Speed is not the only factor to dictate processing performance

Speed is not the only factor to dictate processing performanceRoy Rubinstein  
What are the key parameters that dictate the processing performance of silicon?
Theo Claasen used his keynote address to dispel the myth the computational performance is primarily an issue of device clock speed. For Philips Semiconductors’ chief technology officer what dictates the ‘strength’ of silicon is an altogether more subtle subject.
Starting with computational performance, Claasen showed how microprocessor benchmark SPECint figures are doubling every two years. SPECint, which involve running representative algorithms, is a more appropriate way of gauging device processing performance than the traditional million of instructions or million of operations per second (MOPS)measures. This is because instructions differ in the number of operations they perform, not all of which contribute to the computation.
Claasen then tackled the issue of power dissipation, highlighting its inexorable rise with processing performance. According to the Semiconductor Industry Association’s roadmap, by the year 2012 devices will have an operating voltage of 0.6V and consume 175W. Hence power dissipation will become the key cost issue, overtaking silicon area considerations.
For these reasons Claasen argues that computational efficiency – the ratio of processing performance against power – is an overall more insightful measure.
The evolving nature of computational silicon further complicates the picture. Microprocessors are traditionally suited to data processing whereas DSPs are more efficient at handling signal processing tasks in terms of power dissipation and chip area. However, this difference is becoming blurred with media processors capable of tackling both styles of computing.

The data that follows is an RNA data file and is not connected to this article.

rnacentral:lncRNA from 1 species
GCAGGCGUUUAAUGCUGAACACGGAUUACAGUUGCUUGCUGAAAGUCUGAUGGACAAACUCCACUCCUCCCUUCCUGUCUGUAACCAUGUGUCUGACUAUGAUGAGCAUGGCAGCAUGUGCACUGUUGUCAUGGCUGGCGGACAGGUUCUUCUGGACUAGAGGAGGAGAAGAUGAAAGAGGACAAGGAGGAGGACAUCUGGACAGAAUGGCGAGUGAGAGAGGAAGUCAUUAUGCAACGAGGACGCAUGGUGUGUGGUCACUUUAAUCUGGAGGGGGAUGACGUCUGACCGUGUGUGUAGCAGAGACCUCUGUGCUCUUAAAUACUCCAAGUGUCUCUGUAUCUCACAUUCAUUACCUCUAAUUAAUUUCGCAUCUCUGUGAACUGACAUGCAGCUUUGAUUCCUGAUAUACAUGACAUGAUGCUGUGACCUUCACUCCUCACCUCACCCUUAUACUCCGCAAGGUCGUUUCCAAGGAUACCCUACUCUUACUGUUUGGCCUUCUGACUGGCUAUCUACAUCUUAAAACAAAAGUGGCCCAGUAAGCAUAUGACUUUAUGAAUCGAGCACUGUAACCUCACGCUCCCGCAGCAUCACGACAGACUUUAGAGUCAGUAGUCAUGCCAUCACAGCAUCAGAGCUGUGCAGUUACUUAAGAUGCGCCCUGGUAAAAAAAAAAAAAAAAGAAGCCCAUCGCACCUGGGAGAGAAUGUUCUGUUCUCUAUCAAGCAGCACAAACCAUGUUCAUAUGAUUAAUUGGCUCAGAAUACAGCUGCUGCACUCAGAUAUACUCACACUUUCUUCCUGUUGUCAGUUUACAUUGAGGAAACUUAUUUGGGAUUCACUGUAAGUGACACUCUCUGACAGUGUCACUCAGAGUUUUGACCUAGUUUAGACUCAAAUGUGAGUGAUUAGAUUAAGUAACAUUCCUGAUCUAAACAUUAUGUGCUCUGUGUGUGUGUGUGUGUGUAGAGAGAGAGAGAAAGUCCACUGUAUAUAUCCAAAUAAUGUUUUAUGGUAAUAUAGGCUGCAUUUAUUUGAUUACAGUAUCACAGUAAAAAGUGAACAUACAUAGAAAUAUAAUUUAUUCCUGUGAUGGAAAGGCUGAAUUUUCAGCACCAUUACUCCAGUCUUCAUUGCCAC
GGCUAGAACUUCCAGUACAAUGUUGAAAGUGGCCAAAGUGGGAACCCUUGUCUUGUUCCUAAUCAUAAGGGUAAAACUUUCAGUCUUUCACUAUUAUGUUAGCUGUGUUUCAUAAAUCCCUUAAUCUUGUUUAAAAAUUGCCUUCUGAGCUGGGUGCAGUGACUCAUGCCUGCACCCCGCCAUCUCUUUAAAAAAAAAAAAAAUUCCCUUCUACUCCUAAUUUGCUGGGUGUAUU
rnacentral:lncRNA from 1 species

For more explicitly defined applications a different hardware/ software trade-off is possible. Programmable architectures can be tailored to achieve greater computational efficiency. This efficiency is at the expense of flexibility but now all the operations contribute to the computation. The ‘strength’ of a silicon can now be meaningfully measured using MOPS/W, what Claasen calls the “intrinsic computational efficiency of silicon”.
Achieving flexibility and cost efficiency thus requires elements from both worlds. Flexibility implies software running on programmable cores while tasks which are inefficient in software should be mapped onto co-processor units, said Claasen.
This has led to the emergence of multi-core ‘silicon system platforms’ such as set-top boxes and mobile phone chips.
With the develop of digital TV, Internet and video enabled handsets, computing power and transmission capacity will continue to grow exponentially. Only by concentrating on the intrinsic computational efficiency of silicon will designs be realised with manageable chip areas and power dissipations.
“Speed [clock speed] will remain important, but it is not the only parameter to be pushed to the limits,” said Claasen.

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